I was trying to speed up a clip by just 10-15% and I was happy with the visual results but not the sound . Elements has a checkbox to "maintain audio pitch" which is does so my actors' voices did not turn into chipmunks which was a good thing. However the overall quality of the audio went down significantly, even at just a 10% speed up. I was curious if anyone on the board experienced similar issues and perhaps figured out some workarounds, even if it meant using a plugin or working outside of adobe for this audio glitch.
I am using adobe premiere elements 10.
The following is just exploration and experiment with an idea.
Video on Video 1.
Audio on Audio 1
To the clip, apply the Audio Effect named Pitch Shifter.
Then "Edit Effects"
In the Properties Palette/Pitch Shifter Panel for the clip,
Look to the far right of the Pitch Shifter Panel to where it has an icon for Presets. Select the Preset = Booo!
Go back to the clip on the Timeline, right click, select Time Stretch, and, in Time Stretch dialog, set Speed (I used 150%) DO NOT PUT A CHECK MARK NEXT TO MAINTAIN AUDIO PITCH.
What was your Time Stretch reading for Speed when you were there with a check mark for Maintain Audio Pitch...120%?
It seemed to work for the clip that I had. Please let us know if it works for you or if it is a dud.
Add On...I gave the above another try, this time with Time Stretch Speed = 120%. DID NOT PUT A CHECK MARK NEXT TO MAINTAIN AUDIO PITCH.
For this one, the Preset = Female becomes secret agent seemed to work great. (I do not know the Adobe rationale behind naming those presets as they have.)
Those Preset names are the same, or very similar to the ones in Adobe Audition, going all the way back to when it was CoolEdit Pro. I think that the folk at CoolEdit (forget exactly who Adobe bought it from now) had a sense of humor, and Adobe just left things alone. I would guess that when they went to work on the Audio portion of PrE (probably some code shared between it, and Audition), they left the Preset names. Now, this is but speculation, but based on observations of another Adobe audio-editing program.
You are a super-genius! At a 20 % increase in speed, the "female bcomes secret agent" lowers the pitch just enough match their natural speaking vocies. Not sure how you knew that pre-setting, which sounds more like a raise in frequency than a decrease since it says female, would do the trick at exactly 120%. But man, it sounds great now.
This is a winning strategy. Nobody should ever be checking the "maintain audio pitch" option becasue there is too much degradation.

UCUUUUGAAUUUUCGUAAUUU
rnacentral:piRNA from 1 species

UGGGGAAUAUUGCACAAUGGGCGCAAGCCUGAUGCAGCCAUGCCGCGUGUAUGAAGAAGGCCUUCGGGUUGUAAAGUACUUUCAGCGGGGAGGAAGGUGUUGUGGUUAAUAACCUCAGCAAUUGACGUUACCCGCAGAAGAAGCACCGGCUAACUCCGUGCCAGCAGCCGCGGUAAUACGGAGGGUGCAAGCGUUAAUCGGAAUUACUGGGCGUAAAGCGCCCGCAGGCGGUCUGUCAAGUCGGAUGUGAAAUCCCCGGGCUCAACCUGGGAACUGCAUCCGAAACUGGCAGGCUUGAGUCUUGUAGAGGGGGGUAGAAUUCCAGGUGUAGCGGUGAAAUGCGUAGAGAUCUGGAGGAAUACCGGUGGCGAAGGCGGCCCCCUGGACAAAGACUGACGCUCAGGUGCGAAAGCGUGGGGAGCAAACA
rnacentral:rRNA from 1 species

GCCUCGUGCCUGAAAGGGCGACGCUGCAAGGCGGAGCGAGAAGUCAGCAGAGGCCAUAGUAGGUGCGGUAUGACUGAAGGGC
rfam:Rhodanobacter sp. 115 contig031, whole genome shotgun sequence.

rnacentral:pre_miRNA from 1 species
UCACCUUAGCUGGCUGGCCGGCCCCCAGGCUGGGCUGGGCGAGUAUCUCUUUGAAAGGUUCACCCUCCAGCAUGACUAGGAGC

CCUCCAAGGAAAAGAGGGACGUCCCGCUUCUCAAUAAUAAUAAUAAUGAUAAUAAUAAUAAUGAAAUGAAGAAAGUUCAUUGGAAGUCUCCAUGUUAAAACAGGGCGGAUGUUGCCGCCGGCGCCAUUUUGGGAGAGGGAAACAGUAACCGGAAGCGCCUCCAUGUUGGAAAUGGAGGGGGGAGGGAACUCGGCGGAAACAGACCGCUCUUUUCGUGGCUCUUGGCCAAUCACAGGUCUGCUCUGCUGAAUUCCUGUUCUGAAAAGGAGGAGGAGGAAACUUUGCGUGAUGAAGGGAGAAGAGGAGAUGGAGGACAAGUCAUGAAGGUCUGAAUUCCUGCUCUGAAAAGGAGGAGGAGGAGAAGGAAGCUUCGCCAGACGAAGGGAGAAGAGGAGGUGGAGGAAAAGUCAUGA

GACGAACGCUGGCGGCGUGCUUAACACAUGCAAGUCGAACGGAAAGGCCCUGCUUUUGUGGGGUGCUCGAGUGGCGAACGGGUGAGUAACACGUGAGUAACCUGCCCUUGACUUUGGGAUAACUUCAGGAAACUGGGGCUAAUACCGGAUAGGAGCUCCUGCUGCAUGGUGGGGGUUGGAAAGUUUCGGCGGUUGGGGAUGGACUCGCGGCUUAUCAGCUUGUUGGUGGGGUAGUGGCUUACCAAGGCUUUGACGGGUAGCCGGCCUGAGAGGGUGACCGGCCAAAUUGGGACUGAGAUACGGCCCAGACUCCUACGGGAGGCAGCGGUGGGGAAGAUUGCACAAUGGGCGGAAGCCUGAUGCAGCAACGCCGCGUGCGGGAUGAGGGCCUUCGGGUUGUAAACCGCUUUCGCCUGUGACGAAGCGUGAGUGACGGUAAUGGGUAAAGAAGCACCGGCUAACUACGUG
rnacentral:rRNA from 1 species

But man, it sounds great now.
That is super news!
I doubt that I would ever have thought of ATR's workflow, but then would probably have taken the Audio into Audition for the additional work. Great that he researched the issue, and came up with a perfectly simple solution to the issue. Way to go ATR!
Many, many thanks for the follow up with the great news of your success.
Now about this "super-genius",..well...the suggested fix was my own, detail per detail as it relates to Premiere Elements.
But, at first, I took the easy way out, with a Google Search on the topic. Found no how to for your specific situation, but then I remembered reading
which addressed Maintain Audio Pitch and included a post by someone mentioning success with the audio "Pitch Shifter" in a workflow other than what I have suggested. But the "Pitch Shifter" idea seed was planted and what I posted bloomed.
So very pleased with the outcome.
Just out of idle curiosity, do you think the peeps using version 11 are experiencing the same issue? If so, Adobe would be wise to fix the" maintain audio pitch " feature for their next version. Especially since A.T.R's workaround shows that you can counterbalnce with a pitch adjustment without messing up the quality of the audio.
I have many versions of Premiere Elements installed on my Windows XP 32 bit, Windows 7 64 bit, and 8 64 bit computers for troubleshooting (I am not affiliated with Adobe in anyway, just a user of its products, not even a professional videographer or photographer). We are on the same wave length. I am going to try this Pitch Shifter approach on Premiere Elements 11 as well as on earlier versions with Pitch Shifter. I will report back.
The rest of the story...
This Pitch Shifter use as described for Time Stretch Speed = 120 or 150%
Premiere Elements 11 works as described here, Applied Effects Palette/Pitch Shifter Panel with the Presets icon at the end of the panel for access to the required preset.